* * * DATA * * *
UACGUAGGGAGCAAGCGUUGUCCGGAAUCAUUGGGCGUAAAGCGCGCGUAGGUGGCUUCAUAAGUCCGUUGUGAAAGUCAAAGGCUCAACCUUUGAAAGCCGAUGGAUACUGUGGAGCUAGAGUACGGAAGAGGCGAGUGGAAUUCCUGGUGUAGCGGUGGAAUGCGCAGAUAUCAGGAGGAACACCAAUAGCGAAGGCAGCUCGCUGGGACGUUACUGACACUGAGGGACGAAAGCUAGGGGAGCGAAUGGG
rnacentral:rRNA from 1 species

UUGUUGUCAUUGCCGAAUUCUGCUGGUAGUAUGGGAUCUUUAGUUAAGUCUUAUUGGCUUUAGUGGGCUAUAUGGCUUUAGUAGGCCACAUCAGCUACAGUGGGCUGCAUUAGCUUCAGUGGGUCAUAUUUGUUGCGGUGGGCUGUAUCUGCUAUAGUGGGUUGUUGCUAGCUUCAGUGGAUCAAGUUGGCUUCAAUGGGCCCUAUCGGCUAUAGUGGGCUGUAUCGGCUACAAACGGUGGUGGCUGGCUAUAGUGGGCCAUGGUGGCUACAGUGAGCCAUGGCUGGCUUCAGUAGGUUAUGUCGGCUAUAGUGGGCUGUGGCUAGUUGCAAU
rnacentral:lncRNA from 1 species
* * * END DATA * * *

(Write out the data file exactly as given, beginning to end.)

UACGUAGGGAGCAAGCGUUGUCCGGAAUCAUUGGGCGUAAAGCGCGCGUAGGUGGCUUCAUAAGUCCGUUGUGAAAGUCAAAGGCUCAACCUUUGAAAGCCGAUGGAUACUGUGGAGCUAGAGUACGGAAGAGGCGAGUGGAAUUCCUGGUGUAGCGGUGGAAUGCGCAGAUAUCAGGAGGAACACCAAUAGCGAAGGCAGCUCGCUGGGACGUUACUGACACUGAGGGACGAAAGCUAGGGGAGCGAAUGGG
rnacentral:rRNA from 1 species

UUGUUGUCAUUGCCGAAUUCUGCUGGUAGUAUGGGAUCUUUAGUUAAGUCUUAUUGGCUUUAGUGGGCUAUAUGGCUUUAGUAGGCCACAUCAGCUACAGUGGGCUGCAUUAGCUUCAGUGGGUCAUAUUUGUUGCGGUGGGCUGUAUCUGCUAUAGUGGGUUGUUGCUAGCUUCAGUGGAUCAAGUUGGCUUCAAUGGGCCCUAUCGGCUAUAGUGGGCUGUAUCGGCUACAAACGGUGGUGGCUGGCUAUAGUGGGCCAUGGUGGCUACAGUGAGCCAUGGCUGGCUUCAGUAGGUUAUGUCGGCUAUAGUGGGCUGUGGCUAGUUGCAAU
rnacentral:lncRNA from 1 species